Silicosis, or miner’s phthisis, is a type of occupational lung disease caused by inhaling crystalline silica dust (a common mineral also known as quartz). It is an irreversible, progressive and incurable disease and can cause inflammation and scarring in the form of nodular lesions in the upper lobes of the lungs. At later stages, silicosis is disabling and eventually fatal.
Crystalline silica dust damages lung tissue when inhaled and results in scarring or fibrosis, which reduces lung function. Multiple mining processes can generate crystalline silica dust such as blasting, drilling and the handling and transporting of rock containing quartz.
Patients can be diagnosed with one of three types of silicosis depending on the disease’s severity, onset and progression:
- Simple chronic silicosis is caused by long-term exposure (more than 20 years) to low amounts of silica dust, which can cause areas of swelling in the lungs and chest lymph nodes and cause difficulty breathing.
- Accelerated silicosis is caused by exposure to larger amounts of silica dust over a shorter period of time (5 to 15 years). Swelling in the lungs and associated symptoms occur faster than in simple chronic silicosis.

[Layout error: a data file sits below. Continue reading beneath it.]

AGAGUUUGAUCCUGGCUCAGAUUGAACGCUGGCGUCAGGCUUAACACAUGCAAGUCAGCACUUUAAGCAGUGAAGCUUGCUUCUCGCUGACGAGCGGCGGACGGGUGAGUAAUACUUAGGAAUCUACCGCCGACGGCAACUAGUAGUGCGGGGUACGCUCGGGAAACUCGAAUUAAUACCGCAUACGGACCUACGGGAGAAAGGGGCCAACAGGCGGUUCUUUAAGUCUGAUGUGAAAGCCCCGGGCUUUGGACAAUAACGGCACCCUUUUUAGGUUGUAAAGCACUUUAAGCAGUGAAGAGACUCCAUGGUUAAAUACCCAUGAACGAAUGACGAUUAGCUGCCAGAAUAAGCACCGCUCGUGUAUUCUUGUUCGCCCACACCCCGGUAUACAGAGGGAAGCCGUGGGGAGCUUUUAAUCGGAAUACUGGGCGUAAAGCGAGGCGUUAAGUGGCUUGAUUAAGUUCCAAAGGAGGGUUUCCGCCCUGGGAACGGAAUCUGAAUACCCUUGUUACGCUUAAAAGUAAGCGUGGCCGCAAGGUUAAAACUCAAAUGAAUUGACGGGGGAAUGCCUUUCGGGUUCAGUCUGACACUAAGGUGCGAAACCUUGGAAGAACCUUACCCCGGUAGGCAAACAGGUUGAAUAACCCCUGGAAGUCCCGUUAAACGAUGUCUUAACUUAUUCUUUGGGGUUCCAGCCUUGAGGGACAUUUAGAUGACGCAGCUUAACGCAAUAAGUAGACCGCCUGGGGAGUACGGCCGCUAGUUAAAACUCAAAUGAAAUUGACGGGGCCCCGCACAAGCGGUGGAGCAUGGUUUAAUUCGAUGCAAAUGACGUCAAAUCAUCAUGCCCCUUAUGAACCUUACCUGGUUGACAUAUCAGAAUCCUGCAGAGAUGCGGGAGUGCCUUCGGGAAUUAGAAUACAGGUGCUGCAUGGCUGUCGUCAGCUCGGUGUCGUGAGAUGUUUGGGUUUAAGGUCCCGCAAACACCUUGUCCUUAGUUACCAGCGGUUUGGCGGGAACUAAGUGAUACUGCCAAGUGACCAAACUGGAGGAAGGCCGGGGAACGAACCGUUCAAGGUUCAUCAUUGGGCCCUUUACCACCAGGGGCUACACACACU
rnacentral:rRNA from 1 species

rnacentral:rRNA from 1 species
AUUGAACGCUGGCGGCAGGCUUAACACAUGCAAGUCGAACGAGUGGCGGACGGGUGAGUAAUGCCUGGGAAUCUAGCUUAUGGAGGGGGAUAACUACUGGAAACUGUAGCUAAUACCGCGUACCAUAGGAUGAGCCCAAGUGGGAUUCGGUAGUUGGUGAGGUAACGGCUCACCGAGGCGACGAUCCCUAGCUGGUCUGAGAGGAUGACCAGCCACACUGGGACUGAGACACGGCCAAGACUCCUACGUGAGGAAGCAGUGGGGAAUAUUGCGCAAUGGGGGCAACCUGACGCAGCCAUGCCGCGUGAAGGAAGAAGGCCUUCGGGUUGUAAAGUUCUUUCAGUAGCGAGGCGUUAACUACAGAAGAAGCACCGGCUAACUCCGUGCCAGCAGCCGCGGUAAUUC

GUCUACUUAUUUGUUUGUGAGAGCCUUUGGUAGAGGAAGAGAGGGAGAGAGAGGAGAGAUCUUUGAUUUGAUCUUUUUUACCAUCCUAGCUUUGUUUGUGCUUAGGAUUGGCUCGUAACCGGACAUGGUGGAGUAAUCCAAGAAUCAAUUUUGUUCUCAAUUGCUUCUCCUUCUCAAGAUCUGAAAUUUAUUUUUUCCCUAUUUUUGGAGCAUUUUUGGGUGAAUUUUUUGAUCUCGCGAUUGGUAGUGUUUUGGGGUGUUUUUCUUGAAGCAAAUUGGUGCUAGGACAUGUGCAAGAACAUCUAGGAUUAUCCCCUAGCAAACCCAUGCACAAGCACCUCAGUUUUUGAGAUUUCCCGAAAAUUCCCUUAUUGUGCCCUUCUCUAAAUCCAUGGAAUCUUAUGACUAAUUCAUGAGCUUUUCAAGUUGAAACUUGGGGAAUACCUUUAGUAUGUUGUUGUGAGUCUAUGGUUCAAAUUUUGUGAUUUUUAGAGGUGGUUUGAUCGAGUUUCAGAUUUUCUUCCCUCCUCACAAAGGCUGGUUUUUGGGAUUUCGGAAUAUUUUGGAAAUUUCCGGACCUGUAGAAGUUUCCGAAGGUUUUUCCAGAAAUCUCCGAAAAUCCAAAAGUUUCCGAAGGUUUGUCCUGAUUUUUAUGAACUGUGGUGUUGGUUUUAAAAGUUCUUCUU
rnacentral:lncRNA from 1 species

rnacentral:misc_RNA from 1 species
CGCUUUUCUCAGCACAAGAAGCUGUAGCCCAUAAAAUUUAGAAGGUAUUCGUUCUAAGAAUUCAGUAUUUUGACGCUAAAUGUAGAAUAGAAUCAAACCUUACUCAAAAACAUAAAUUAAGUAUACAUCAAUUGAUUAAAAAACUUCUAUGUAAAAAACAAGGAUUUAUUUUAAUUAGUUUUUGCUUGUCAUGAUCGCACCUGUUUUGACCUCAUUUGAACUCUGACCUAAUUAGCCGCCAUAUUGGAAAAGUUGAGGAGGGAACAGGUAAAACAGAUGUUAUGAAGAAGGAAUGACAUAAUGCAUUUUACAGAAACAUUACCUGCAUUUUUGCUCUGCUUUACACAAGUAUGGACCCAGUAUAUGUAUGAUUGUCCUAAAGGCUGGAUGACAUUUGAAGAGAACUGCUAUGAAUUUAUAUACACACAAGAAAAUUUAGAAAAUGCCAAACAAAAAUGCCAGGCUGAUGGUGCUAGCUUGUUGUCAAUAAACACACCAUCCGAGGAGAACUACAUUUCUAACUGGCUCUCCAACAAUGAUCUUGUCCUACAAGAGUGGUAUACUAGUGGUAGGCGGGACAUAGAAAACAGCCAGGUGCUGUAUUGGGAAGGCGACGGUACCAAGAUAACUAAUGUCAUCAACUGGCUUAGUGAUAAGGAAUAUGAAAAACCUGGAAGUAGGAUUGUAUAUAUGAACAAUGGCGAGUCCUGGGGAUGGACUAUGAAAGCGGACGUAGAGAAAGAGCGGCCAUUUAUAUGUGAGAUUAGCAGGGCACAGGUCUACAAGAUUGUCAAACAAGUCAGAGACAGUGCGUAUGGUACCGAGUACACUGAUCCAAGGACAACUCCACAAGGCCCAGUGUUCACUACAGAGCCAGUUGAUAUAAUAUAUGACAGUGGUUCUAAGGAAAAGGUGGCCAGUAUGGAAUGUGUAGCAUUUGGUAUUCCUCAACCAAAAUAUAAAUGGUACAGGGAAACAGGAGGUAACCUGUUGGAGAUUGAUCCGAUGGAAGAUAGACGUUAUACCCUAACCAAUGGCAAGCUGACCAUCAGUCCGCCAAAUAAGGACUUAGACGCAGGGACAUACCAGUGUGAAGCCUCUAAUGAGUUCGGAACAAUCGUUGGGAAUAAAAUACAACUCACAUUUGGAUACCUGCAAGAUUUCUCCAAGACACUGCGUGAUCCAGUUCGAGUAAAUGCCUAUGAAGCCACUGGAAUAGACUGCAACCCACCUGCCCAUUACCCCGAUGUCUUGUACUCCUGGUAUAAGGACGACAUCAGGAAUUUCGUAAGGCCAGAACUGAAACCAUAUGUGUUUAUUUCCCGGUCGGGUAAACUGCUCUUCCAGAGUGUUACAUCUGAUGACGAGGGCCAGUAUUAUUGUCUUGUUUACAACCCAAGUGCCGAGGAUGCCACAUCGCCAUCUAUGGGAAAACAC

- Acute silicosis is caused by short-term exposure to high concentrations of silica dust. The lungs can become inflamed and can fill with fluid, which causes severe shortness of breath and low blood oxygen levels.
Silica dust exposure in high concentrations can lead to silicosis within a year, but 10 to 15 years typically pass before symptoms begin to appear in most victims. Medical monitoring and treatment may include: regular x-rays and lung function tests; tests for pulmonary tuberculosis and treatment; immunization against influenza and pneumococcal pneumonia; and antibiotic treatment for lung infection.
Although an entirely preventable disease, silicosis is an epidemic in South Africa.